Let us first determine the distance from the attachment ring to the lens hood’s upper edge. This distance is 14.5mm (0,57 inch).
If we subtract this value from the internal height of the lens cap, we get 9.5mm (0,94 inch), because of the inside height of 24mm (0,37 inch), measured from the top edge to the elevation’s bearing surface.
That’s the theory part. In practice it has to be considered that the lens will be used sometimes without a filter holder. When having then the so shortened lens cap mounted, dust could enter through a small gap between lens cap and the tulip shaped lens hood at the lowest part.
See here in the following magnification:
If you want to avoid potential dust ingress, the you should consider to cut only 7mm (0,27 inch) instead of 9.5mm (0,37 inch). The only limitation is a minimal compromise with the holding ability.
I finally decided for the full cut of 9.5 mm (0,37 inch) because it’s more important for me to have the lens cap holding really well. However, everyone has to set their own priorities. Only while shooting northern lights or astro I remove the attachment rings, otherwise my lens heater by Kendrick Astro Instruments couldn’t be mounted properly. For this situations I have therefore bought a second Nikon LC-1424 for little money and it was definitely worth it.
What is needed for the conversion?
Before we start, an important note: The following conversion will be at your own risk. You can’t hold me liable for potential damage or injury when following this instruction. Anyone who is in doubt about his abilities, leaves the conversion better to a specialist.
The following material is required for the conversion:
– a lens cap Nikon LC-1424
– a writing pad e.g. from Post-it
– a sharp cutter
– a hard, flat underlay, e.g. a sturdy desk
Initially, the exact height of cut should be marked on the lens cap. Either 9.5mm (0,37 inch) or 7mm (0,27 inch), depending on the intended use.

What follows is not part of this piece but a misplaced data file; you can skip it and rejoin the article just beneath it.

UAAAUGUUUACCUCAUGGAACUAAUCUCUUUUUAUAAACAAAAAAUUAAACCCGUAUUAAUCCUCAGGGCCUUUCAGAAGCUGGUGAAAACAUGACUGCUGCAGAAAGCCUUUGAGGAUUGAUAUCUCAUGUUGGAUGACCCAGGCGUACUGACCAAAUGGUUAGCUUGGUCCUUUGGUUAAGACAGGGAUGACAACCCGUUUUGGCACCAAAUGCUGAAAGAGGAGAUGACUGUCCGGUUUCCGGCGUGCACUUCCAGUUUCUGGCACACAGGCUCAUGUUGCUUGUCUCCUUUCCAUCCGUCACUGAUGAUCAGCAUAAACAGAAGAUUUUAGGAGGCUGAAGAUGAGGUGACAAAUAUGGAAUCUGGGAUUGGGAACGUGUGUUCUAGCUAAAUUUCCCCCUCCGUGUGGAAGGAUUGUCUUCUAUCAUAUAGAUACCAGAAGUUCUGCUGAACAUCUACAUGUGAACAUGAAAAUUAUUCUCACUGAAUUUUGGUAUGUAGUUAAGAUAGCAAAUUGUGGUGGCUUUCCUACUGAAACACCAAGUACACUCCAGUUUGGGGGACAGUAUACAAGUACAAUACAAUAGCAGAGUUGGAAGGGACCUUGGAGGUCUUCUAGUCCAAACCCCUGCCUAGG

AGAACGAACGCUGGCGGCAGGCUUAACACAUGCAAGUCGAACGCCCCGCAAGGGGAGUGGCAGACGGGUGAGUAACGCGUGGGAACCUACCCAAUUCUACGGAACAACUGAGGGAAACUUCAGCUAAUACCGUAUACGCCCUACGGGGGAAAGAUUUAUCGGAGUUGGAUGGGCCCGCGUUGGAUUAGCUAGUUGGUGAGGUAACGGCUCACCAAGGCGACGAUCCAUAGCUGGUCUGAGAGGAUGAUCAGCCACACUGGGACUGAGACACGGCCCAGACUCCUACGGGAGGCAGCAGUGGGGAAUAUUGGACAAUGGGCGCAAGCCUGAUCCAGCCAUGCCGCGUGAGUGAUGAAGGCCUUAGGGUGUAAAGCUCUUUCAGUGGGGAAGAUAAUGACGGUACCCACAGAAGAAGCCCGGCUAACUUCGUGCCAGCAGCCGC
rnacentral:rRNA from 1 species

Then you place the lens cap on a hard, flat surface. With the aid of the Post-it writing pad it’s easy to approach step by step to the marked level by removing paper after paper. It is important to use a razor sharp knife and to place it flat on the Post-it pad to get the blade orthogonal onto the cap’s side surface.
Afterwards it can be started to gently turn the lens cap gradually counterclockwise, whilst the cardboard knife remains in place. You can get a best clean cut edge by low pressure. Thus the entire process takes a little longer, the result counts more than speed. I guess I needed for the whole cutting about 60 to 80 full revolutions. Maybe a few more. If you doubt, just keep turning.
Shortly later a notch can be seen and it will lead the blade. You can now increase the pressure slightly. In the final stage, you should reduce the pressure again to avoid any damages and to get a cleaner result. If you want a nicer finish, you can bend the edge using a very fine-grained sandpaper.
What is the result of?
Here the two lens caps in direct comparison. On the left the shortened version, on the right the original Nikon LC-1424:
Both caps, mounted on the Haida 150mm series filter holder. Above, the original cap, below the shortened version.
It’s the little things making a photographer’s life more comfortable. Thus I owe a debt of gratitude to the German’s photographer Dirk Wiemer with his blog post for attaching a cable release to the tripod. He has inspired me to share my small achievements with the world.
I use my revised lens cap now for several years and I am really happy with this solution. Even after switching to the Haida 150 series filter holder I could just continue to use it without any restriction. My “New Nikon LC-1424 Mark” holds reliable in any imaginable photographic situation.